Cree Cultural Institute launches travelling exhibit

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It’s a time of reflection and gratitude for Abel Bosum as he welcomes the crowd gathered in Oujé-Bougoumou to inaugurate the Aanischaaukamikw Cree Cultural Institute’s first traveling exhibition. “We’ve accomplished something here,” Bosum told the Nation. “It’s certainly a wonderful feeling seeing that the exhibit is ready to hit the road.”

The exhibit, Footprints: A Walk Through Generations, is the culmination of three years of hard work by staff at the Cultural Institute, as well as countless contributions from the 10 Cree communities, Elders, artists and storytellers.

For both the Cultural Institute, on whose board Bosum sits as president, and Eeyou Istchee culture in general, the inauguration is a milestone. A symbol of how Cree culture has gone from surviving to thriving.

It’s both a showcase and a celebration of Cree traditions, teachings and values through the eyes of the Cree and tied to the theme of walking. “It’s about walking on the land that your ancestors have walked for many generations,” said Bosum. “It’s intended to help you appreciate how important the environment is and why we need to protect it for the next generation.”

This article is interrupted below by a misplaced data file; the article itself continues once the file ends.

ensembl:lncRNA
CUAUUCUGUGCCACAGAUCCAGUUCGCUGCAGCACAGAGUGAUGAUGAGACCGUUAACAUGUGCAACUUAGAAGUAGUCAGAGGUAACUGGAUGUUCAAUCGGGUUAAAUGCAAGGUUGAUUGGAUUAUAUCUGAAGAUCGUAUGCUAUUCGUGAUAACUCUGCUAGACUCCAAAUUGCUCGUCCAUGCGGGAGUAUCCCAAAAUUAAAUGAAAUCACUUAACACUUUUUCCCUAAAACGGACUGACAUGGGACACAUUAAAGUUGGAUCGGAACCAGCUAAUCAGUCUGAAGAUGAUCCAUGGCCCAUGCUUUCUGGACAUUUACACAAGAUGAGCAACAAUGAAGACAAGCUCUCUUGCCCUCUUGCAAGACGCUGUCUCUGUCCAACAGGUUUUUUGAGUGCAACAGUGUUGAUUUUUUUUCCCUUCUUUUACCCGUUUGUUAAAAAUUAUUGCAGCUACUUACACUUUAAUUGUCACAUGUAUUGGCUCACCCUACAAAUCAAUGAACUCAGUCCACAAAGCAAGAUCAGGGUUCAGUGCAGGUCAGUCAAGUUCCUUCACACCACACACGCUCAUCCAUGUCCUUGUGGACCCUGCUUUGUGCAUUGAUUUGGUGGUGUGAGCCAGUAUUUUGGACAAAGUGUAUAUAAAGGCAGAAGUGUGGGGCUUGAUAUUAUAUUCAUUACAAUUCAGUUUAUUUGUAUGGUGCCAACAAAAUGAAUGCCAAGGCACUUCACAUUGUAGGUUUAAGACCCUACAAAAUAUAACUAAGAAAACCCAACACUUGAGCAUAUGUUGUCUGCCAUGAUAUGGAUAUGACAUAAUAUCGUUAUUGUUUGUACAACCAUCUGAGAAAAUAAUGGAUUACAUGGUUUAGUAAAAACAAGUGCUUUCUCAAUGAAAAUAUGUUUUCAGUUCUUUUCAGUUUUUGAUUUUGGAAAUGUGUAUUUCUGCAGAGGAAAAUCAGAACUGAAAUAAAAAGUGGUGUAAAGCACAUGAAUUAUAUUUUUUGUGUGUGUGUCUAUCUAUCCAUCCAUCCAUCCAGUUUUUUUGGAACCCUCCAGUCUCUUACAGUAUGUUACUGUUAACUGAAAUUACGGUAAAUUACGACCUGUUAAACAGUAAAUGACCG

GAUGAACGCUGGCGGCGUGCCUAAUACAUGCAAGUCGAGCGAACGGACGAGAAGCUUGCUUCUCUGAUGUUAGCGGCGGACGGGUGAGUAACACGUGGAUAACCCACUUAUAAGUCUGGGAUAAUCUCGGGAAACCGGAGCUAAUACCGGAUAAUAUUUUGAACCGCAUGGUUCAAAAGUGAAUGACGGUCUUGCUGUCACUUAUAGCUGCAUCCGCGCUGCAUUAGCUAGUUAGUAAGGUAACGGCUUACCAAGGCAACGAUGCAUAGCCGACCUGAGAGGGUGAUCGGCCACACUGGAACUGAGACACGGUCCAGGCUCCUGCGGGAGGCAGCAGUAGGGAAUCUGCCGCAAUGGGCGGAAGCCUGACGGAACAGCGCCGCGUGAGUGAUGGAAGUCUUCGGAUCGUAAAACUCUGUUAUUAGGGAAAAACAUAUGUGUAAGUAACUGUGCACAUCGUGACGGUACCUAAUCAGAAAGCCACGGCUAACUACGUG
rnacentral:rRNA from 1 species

Bosum himself was preparing to go out on the land during his interview with the Nation.

“Walking is a form of healing and many people are returning to that approach of walking to deal with this crazy world we live in,” he observed. “It reminds us of where we come from and what’s important. It roots us down to who we are and what we need to pass on.”


Footprints will be on display throughout the summer at the Aanischaaukamikw Cree Cultural Institute in Oujé-Bougoumou. In the winter it will begin its tour of the Cree communities with the goal of going across Canada.

“The exhibit will go down through Quebec and into Ontario,” said Rob Imrie, Director of Programs at the institute. “From that point, it’s on to museums in western Canada.”

From a reconciliation standpoint, the Canadian tour couldn’t be more timely. As Canada celebrates its 150th anniversary, non-Indigenous Canada remains, in large part, ignorant of the diversity of Indigenous cultures. The exhibit seeks to bridge that gap in the name of reconciliation.

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